Has Sights on US
AT NEXT year’s Paris In-Cosmetics show, the Market Focus feature will concentrate on the US beauty and personal care markets and industry experts will discuss the latest go-to trends, challenges and opportunities. The topic is
particularly on trend, now that Reed Exhibitions is launching In-Cosmetics USA, which will be held Sept. 7-8, 2016 in New York
For many beauty brands, the lure of success within the US
market is hard to resist as it can bring opportunities for growth
and substantial rewards. However, the reality is often quite different and many executives and entrepreneurs have had their fingers
burned as they come to realize that launching in the US beauty
and personal care market requires careful research and planning.
Much of the appeal of the US beauty and personal market is
due to its size. According to Euromonitor International, the total market was worth $76.3 billion in 2014, up by 14.5% since
2009. The largest product sectors were skin care ($13.7 billion)
and color cosmetics ($12.3 billion) which have grown by 18.1%
and 21.8%, respectively. Hair care, valued at $11.6 billion, posted
slower growth ( 8.4%) during the period.
In a market dominated by giants, such as Procter & Gamble,
L’Oréal, Estée Lauder, Unilever and Johnson & Johnson, indie
brands must work hard to get noticed. In Kline’s Cosmetics &
Toiletries USA report, 84 independent companies were found to
comprise just 3.6% of the market in 2014, yet grew by nearly 15%
between 2009 and 2014. Kline maintains that these brands of-
fer value-oriented products, are highly innovative and engaging
with consumers, which makes them attractive acquisition targets
by major cosmetic companies and private equity firms. Many of
them have significantly increased visibility through social media
marketing, which have given them the edge over the multina-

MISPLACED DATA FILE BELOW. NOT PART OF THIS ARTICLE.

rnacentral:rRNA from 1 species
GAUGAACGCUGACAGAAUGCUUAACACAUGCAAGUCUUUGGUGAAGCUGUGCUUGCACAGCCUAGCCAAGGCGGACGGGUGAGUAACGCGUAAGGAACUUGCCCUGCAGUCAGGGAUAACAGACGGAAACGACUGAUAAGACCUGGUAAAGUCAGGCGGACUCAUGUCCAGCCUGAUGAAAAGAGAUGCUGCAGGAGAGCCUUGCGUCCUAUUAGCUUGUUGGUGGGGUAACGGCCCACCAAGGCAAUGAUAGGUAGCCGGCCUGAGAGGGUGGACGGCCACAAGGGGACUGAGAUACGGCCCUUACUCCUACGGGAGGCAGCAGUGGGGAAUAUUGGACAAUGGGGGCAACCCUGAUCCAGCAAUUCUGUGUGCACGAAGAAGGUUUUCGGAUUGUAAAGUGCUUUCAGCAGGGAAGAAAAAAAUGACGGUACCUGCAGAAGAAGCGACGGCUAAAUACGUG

tionals with their large advertising budgets.
Such is the growing interest in indie brands that an event was
staged in New York in August to bring 80 independent beauty
brands together with buyers, media and consumers under one
roof. Some notable brands spotted by Kline were Colourpop,
which launched in 2014 and has become a social media sensation, as well as Phia, Nugg, Grande Naturals, Modern Minerals
and Malaya Organics. All of the participating brands are formulated without potentially toxic ingredients, positioning them in
the burgeoning natural category.
First Steps into the US
The US market is like no other due to its scale, diversity and complexity. Brands looking for a relatively trouble-free entry must
consider whether they want to target regionally, by state or by
city. Trade shows are often seen as the place for small businesses
to find a partner, but brand owners may end up disappointed to
find that so-called partners are effectively“one man and a dog,”
and do not have the infrastructure or expertise to guide new
brands within an unfamiliar market.
Kevin Price, director of an interim management professional
consultancy called Frattempo, said that brands must have a more
researched and considered approach when searching for a partner.
“The first question you need to ask is what type of distributor
would fit the brand and this depends on their positioning,” he
said. “So whether you want to target drug stores, perfumeries or
department stores, it’s important to search for a distributor that
already services those categories.”
Price warned that the wrong partner can be as damaging as
choosing the wrong market.
No First Move
Stirling Murray, CEO, The Red Tree, has worked extensively with
brands in developing international expansion and always aims to put
brands together with US distributors who can offer a full service, but
only after they are properly established in their home market.
Imogen Matthews • In-Cosmetics
Yes, the US is a huge
market—but it is
chockfull of pitfalls.